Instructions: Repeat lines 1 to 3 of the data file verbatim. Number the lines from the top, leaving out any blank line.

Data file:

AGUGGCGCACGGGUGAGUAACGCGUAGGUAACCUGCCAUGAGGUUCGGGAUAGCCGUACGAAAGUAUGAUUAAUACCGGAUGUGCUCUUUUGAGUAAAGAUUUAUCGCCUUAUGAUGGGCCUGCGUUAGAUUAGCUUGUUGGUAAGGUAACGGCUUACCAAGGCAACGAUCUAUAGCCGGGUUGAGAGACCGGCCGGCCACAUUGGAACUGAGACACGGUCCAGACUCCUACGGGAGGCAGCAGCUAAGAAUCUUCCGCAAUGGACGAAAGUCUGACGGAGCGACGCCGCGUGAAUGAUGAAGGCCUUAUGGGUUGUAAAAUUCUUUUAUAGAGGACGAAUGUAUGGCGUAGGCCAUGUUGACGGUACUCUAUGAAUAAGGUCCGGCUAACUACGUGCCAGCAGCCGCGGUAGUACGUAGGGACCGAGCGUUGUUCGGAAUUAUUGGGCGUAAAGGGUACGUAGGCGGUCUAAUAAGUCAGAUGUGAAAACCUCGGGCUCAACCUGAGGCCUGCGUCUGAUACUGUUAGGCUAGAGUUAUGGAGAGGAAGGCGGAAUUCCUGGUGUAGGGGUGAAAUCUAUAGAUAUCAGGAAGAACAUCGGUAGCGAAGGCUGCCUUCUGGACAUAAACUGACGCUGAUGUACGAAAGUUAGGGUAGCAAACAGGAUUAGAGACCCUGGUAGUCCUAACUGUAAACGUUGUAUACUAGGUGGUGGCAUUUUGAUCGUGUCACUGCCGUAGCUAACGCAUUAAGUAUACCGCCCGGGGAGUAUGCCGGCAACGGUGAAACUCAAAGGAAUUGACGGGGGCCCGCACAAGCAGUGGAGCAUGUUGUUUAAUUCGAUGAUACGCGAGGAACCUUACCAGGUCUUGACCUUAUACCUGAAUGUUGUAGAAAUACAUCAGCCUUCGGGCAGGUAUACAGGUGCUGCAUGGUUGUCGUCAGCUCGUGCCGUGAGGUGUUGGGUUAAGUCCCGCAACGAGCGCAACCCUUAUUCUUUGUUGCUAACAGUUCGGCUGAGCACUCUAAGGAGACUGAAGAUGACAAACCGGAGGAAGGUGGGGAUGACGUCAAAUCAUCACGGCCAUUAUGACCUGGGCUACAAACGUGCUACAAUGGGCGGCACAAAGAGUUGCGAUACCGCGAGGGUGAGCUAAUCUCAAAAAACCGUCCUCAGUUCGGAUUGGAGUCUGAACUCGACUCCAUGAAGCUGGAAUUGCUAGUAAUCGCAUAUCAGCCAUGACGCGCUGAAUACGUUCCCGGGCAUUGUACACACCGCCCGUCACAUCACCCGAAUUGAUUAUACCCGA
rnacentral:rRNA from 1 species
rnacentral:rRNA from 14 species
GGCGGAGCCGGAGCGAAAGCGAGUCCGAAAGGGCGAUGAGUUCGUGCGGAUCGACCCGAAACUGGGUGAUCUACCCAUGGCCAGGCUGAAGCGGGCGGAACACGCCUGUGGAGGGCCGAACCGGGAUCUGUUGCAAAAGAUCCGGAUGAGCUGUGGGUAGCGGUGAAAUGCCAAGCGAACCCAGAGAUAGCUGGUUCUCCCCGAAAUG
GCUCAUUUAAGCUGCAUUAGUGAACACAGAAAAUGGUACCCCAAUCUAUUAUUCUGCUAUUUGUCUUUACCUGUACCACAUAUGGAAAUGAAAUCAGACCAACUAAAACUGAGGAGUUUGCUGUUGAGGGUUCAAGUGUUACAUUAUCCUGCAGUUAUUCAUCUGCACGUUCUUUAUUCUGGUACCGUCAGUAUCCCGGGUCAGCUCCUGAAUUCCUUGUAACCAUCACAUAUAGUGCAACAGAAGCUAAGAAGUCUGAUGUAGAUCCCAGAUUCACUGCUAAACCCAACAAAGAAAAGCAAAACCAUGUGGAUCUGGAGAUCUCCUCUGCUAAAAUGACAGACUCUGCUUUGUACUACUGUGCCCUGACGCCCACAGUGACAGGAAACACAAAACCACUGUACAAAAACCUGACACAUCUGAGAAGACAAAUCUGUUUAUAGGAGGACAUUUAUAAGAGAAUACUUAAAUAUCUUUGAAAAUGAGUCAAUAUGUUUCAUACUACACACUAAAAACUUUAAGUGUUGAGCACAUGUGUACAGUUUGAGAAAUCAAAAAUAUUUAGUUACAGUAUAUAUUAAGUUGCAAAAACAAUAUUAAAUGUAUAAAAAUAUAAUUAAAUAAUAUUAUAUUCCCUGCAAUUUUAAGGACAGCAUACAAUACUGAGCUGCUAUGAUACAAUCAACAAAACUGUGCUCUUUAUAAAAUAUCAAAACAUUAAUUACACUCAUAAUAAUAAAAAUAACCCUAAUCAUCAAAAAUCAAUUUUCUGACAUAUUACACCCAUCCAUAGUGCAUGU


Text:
AGUGGCGCACGGGUGAGUAACGCGUAGGUAACCUGCCAUGAGGUUCGGGAUAGCCGUACGAAAGUAUGAUUAAUACCGGAUGUGCUCUUUUGAGUAAAGAUUUAUCGCCUUAUGAUGGGCCUGCGUUAGAUUAGCUUGUUGGUAAGGUAACGGCUUACCAAGGCAACGAUCUAUAGCCGGGUUGAGAGACCGGCCGGCCACAUUGGAACUGAGACACGGUCCAGACUCCUACGGGAGGCAGCAGCUAAGAAUCUUCCGCAAUGGACGAAAGUCUGACGGAGCGACGCCGCGUGAAUGAUGAAGGCCUUAUGGGUUGUAAAAUUCUUUUAUAGAGGACGAAUGUAUGGCGUAGGCCAUGUUGACGGUACUCUAUGAAUAAGGUCCGGCUAACUACGUGCCAGCAGCCGCGGUAGUACGUAGGGACCGAGCGUUGUUCGGAAUUAUUGGGCGUAAAGGGUACGUAGGCGGUCUAAUAAGUCAGAUGUGAAAACCUCGGGCUCAACCUGAGGCCUGCGUCUGAUACUGUUAGGCUAGAGUUAUGGAGAGGAAGGCGGAAUUCCUGGUGUAGGGGUGAAAUCUAUAGAUAUCAGGAAGAACAUCGGUAGCGAAGGCUGCCUUCUGGACAUAAACUGACGCUGAUGUACGAAAGUUAGGGUAGCAAACAGGAUUAGAGACCCUGGUAGUCCUAACUGUAAACGUUGUAUACUAGGUGGUGGCAUUUUGAUCGUGUCACUGCCGUAGCUAACGCAUUAAGUAUACCGCCCGGGGAGUAUGCCGGCAACGGUGAAACUCAAAGGAAUUGACGGGGGCCCGCACAAGCAGUGGAGCAUGUUGUUUAAUUCGAUGAUACGCGAGGAACCUUACCAGGUCUUGACCUUAUACCUGAAUGUUGUAGAAAUACAUCAGCCUUCGGGCAGGUAUACAGGUGCUGCAUGGUUGUCGUCAGCUCGUGCCGUGAGGUGUUGGGUUAAGUCCCGCAACGAGCGCAACCCUUAUUCUUUGUUGCUAACAGUUCGGCUGAGCACUCUAAGGAGACUGAAGAUGACAAACCGGAGGAAGGUGGGGAUGACGUCAAAUCAUCACGGCCAUUAUGACCUGGGCUACAAACGUGCUACAAUGGGCGGCACAAAGAGUUGCGAUACCGCGAGGGUGAGCUAAUCUCAAAAAACCGUCCUCAGUUCGGAUUGGAGUCUGAACUCGACUCCAUGAAGCUGGAAUUGCUAGUAAUCGCAUAUCAGCCAUGACGCGCUGAAUACGUUCCCGGGCAUUGUACACACCGCCCGUCACAUCACCCGAAUUGAUUAUACCCGA
rnacentral:rRNA from 1 species
rnacentral:rRNA from 14 species